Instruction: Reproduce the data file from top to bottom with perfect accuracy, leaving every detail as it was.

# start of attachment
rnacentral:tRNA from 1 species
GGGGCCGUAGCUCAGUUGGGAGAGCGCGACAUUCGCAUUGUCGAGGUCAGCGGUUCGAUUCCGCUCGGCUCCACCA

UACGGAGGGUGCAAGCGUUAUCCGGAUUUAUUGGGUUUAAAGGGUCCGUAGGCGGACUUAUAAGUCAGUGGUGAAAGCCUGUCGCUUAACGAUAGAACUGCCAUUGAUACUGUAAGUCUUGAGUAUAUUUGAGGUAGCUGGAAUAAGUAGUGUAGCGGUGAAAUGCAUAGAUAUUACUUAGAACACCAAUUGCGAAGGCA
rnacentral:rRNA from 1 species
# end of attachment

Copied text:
rnacentral:tRNA from 1 species
GGGGCCGUAGCUCAGUUGGGAGAGCGCGACAUUCGCAUUGUCGAGGUCAGCGGUUCGAUUCCGCUCGGCUCCACCA

UACGGAGGGUGCAAGCGUUAUCCGGAUUUAUUGGGUUUAAAGGGUCCGUAGGCGGACUUAUAAGUCAGUGGUGAAAGCCUGUCGCUUAACGAUAGAACUGCCAUUGAUACUGUAAGUCUUGAGUAUAUUUGAGGUAGCUGGAAUAAGUAGUGUAGCGGUGAAAUGCAUAGAUAUUACUUAGAACACCAAUUGCGAAGGCA
rnacentral:rRNA from 1 species